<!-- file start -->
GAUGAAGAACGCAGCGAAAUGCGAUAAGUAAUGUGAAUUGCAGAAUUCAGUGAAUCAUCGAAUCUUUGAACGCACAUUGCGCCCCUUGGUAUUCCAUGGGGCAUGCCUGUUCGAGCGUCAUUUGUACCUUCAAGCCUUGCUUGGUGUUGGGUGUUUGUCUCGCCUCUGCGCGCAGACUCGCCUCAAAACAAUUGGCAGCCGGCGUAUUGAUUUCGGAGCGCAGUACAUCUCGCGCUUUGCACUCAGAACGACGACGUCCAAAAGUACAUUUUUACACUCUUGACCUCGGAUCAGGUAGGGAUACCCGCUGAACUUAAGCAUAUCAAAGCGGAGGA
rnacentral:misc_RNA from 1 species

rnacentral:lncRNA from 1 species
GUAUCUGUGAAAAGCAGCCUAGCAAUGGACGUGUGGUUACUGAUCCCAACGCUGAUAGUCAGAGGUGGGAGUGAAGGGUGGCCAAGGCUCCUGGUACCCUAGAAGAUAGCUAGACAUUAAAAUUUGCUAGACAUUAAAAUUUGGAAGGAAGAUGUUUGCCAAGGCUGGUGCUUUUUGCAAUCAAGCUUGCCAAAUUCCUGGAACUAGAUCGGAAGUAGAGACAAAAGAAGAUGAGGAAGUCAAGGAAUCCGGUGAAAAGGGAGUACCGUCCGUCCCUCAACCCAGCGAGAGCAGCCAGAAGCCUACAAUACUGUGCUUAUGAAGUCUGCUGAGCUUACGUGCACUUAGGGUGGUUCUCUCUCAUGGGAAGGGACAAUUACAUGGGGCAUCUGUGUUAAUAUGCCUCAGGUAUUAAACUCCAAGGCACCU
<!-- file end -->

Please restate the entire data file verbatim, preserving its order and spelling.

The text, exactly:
GAUGAAGAACGCAGCGAAAUGCGAUAAGUAAUGUGAAUUGCAGAAUUCAGUGAAUCAUCGAAUCUUUGAACGCACAUUGCGCCCCUUGGUAUUCCAUGGGGCAUGCCUGUUCGAGCGUCAUUUGUACCUUCAAGCCUUGCUUGGUGUUGGGUGUUUGUCUCGCCUCUGCGCGCAGACUCGCCUCAAAACAAUUGGCAGCCGGCGUAUUGAUUUCGGAGCGCAGUACAUCUCGCGCUUUGCACUCAGAACGACGACGUCCAAAAGUACAUUUUUACACUCUUGACCUCGGAUCAGGUAGGGAUACCCGCUGAACUUAAGCAUAUCAAAGCGGAGGA
rnacentral:misc_RNA from 1 species

rnacentral:lncRNA from 1 species
GUAUCUGUGAAAAGCAGCCUAGCAAUGGACGUGUGGUUACUGAUCCCAACGCUGAUAGUCAGAGGUGGGAGUGAAGGGUGGCCAAGGCUCCUGGUACCCUAGAAGAUAGCUAGACAUUAAAAUUUGCUAGACAUUAAAAUUUGGAAGGAAGAUGUUUGCCAAGGCUGGUGCUUUUUGCAAUCAAGCUUGCCAAAUUCCUGGAACUAGAUCGGAAGUAGAGACAAAAGAAGAUGAGGAAGUCAAGGAAUCCGGUGAAAAGGGAGUACCGUCCGUCCCUCAACCCAGCGAGAGCAGCCAGAAGCCUACAAUACUGUGCUUAUGAAGUCUGCUGAGCUUACGUGCACUUAGGGUGGUUCUCUCUCAUGGGAAGGGACAAUUACAUGGGGCAUCUGUGUUAAUAUGCCUCAGGUAUUAAACUCCAAGGCACCU